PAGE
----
Once again, it is time for a new spread to play with. After spinning in circles and dabbling in negatives, it seems like time to return to the roots of this exercise: one spread, one idea, one story.
To that end, we have the spread I call Root and Branch, because it plants roots in fixed ideas, centers on a trunk, and has branching possibilities. The metaphor is, of course, drawn from trees and bushes. For convenience, I’ll describe it laying on its side. Naturally you could build the layout upright. And if working across a table with a few friends, I would recommend doing just that.
Begin by shuffling the entire deck, taking care to mix the orientations of the cards.
Deal a few cards, perhaps three, for the roots.
Add a single card for the trunk.
Finally deal a few more cards, perhaps three, for the branches.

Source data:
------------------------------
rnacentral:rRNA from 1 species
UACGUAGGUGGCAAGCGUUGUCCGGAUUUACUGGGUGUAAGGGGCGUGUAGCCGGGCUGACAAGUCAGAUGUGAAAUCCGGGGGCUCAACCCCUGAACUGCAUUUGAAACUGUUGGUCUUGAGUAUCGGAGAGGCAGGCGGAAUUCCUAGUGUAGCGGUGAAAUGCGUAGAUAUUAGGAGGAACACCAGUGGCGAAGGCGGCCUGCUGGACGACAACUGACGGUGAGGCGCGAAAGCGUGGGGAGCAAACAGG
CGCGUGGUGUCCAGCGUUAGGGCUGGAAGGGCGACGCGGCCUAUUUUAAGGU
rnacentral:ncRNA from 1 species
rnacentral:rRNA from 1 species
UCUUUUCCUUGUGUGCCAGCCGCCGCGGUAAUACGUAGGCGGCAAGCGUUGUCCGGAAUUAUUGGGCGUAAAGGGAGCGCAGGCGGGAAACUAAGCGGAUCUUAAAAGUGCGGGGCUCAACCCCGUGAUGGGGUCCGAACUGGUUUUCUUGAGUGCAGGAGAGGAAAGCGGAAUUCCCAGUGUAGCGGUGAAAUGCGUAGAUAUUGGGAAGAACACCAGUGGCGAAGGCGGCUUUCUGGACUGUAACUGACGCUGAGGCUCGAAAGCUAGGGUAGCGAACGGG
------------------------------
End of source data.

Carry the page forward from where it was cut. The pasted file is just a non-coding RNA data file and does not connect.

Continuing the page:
The roots are the source of conflict or the background on which to stand a tale.
The trunk stands at the center. The key element, the key player, the key object, the core of the story. The story flows from the roots through the trunk.
The branches are the goals, the options, or the paths to an end. No single branch is the right branch, any more than any single root is the most important.
The story stands in the tension between the roots and branches, based on the facts of the roots and the possibilities of the branches.